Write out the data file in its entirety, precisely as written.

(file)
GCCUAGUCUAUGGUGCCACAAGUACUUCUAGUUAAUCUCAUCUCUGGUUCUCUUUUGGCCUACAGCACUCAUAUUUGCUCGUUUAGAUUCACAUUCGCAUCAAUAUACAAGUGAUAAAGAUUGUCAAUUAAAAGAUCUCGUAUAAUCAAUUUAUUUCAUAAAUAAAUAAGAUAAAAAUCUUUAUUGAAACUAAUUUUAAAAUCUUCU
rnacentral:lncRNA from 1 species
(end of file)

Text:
GCCUAGUCUAUGGUGCCACAAGUACUUCUAGUUAAUCUCAUCUCUGGUUCUCUUUUGGCCUACAGCACUCAUAUUUGCUCGUUUAGAUUCACAUUCGCAUCAAUAUACAAGUGAUAAAGAUUGUCAAUUAAAAGAUCUCGUAUAAUCAAUUUAUUUCAUAAAUAAAUAAGAUAAAAAUCUUUAUUGAAACUAAUUUUAAAAUCUUCU
rnacentral:lncRNA from 1 species